This was made known after reports that Apple was seeking strict control over how states roll out the feature which had earlier been listed to be announced later on this year.
Apple originally made it known during the WWDC 2021 event that the feature will allow users to make use of the Wallet app for storing digital ID for use at airport security checkpoints.
The system cannot work alone as it will completely depend on the government’s support.
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Customers in states like Arizona and Georgia will be the first to get this feature while others like Connecticut, Iowa, Kentucky, Maryland, Oklahoma, and Utah will follow even though there isn’t any report about the time frame.
However, a report was published earlier this month that showed that the contract between Apple and the chosen states is restrictive.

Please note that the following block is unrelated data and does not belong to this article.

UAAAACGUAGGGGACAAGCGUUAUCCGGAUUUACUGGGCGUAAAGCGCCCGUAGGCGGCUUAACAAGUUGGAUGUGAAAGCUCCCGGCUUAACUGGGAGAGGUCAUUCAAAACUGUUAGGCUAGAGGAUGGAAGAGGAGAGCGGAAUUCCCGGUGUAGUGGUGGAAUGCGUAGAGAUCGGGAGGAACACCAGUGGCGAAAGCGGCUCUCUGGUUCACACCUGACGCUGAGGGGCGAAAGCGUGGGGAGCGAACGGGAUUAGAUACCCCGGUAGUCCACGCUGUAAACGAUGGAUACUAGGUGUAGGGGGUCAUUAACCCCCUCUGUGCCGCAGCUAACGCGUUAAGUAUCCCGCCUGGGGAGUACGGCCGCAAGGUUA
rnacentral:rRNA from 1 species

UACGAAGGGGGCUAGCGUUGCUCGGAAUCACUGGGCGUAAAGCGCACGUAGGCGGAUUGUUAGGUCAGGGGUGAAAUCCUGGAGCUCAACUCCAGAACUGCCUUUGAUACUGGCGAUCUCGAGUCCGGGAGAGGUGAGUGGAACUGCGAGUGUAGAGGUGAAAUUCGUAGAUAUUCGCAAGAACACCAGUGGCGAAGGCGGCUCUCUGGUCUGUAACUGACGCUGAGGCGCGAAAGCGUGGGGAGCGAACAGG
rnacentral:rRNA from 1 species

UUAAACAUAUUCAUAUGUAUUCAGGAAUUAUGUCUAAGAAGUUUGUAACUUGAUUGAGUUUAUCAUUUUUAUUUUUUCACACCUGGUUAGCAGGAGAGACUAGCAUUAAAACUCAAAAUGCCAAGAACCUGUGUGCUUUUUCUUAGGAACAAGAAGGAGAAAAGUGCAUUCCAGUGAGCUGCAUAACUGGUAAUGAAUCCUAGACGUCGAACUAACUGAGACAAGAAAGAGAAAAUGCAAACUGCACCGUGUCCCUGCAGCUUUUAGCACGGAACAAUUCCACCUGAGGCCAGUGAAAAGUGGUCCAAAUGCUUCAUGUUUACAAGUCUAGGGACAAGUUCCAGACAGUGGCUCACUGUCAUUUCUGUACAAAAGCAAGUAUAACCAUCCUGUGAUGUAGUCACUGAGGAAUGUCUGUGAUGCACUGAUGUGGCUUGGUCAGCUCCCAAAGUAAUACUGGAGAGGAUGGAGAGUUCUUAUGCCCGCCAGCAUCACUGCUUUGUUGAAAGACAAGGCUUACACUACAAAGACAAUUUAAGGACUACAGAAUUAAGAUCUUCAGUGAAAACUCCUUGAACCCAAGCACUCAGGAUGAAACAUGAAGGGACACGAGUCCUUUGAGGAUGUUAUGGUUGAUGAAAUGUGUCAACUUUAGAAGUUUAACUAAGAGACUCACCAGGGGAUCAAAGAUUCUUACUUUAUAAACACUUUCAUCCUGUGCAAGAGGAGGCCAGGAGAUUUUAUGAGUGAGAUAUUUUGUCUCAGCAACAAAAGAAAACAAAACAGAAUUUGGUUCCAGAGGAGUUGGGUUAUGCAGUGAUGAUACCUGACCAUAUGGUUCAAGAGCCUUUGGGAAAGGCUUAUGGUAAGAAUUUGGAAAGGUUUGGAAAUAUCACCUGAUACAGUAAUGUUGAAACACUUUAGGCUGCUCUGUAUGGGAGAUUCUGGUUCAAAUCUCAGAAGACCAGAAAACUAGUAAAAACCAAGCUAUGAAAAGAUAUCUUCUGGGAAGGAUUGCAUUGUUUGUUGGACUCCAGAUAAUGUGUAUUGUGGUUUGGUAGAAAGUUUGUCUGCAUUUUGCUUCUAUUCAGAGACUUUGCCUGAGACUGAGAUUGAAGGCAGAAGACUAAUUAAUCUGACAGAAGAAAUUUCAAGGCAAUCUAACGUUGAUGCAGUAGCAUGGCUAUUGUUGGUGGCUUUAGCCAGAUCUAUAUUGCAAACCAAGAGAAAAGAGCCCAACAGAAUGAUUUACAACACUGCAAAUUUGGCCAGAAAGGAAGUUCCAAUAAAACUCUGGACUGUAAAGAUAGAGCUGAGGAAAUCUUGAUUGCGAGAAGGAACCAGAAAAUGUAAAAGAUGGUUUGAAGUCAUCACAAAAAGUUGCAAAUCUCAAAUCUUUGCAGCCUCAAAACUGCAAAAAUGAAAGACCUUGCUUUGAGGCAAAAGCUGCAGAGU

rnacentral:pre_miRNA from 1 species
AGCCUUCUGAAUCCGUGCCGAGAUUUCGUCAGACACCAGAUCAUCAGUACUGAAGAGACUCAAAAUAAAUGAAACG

CNBC said, according to the contracts it viewed from Georgia, Arizona, Oklahoma, and Kentucky, that Apple has “sole discretion” concerning how the states marketed the program, how they reported on its success, and even the date that they launched the program and the devices they’re allowed to mark as compatible. States, and therefore taxpayers, are also responsible for funding the program, despite Apple choosing when it launches.
As far as Apple’s website goes, there is conflicting info about when digital IDs will be made available. The “All New Features” page still showed that the feature will be made available in late 2021
The holidays and the vacations that come with them are fast approaching, which traditionally makes projects difficult to complete, especially if other organizations (in this case, the state governments) are involved.
Even though the feature is missing on the new iOS 15 updates, the software did in fact feature some impressive features.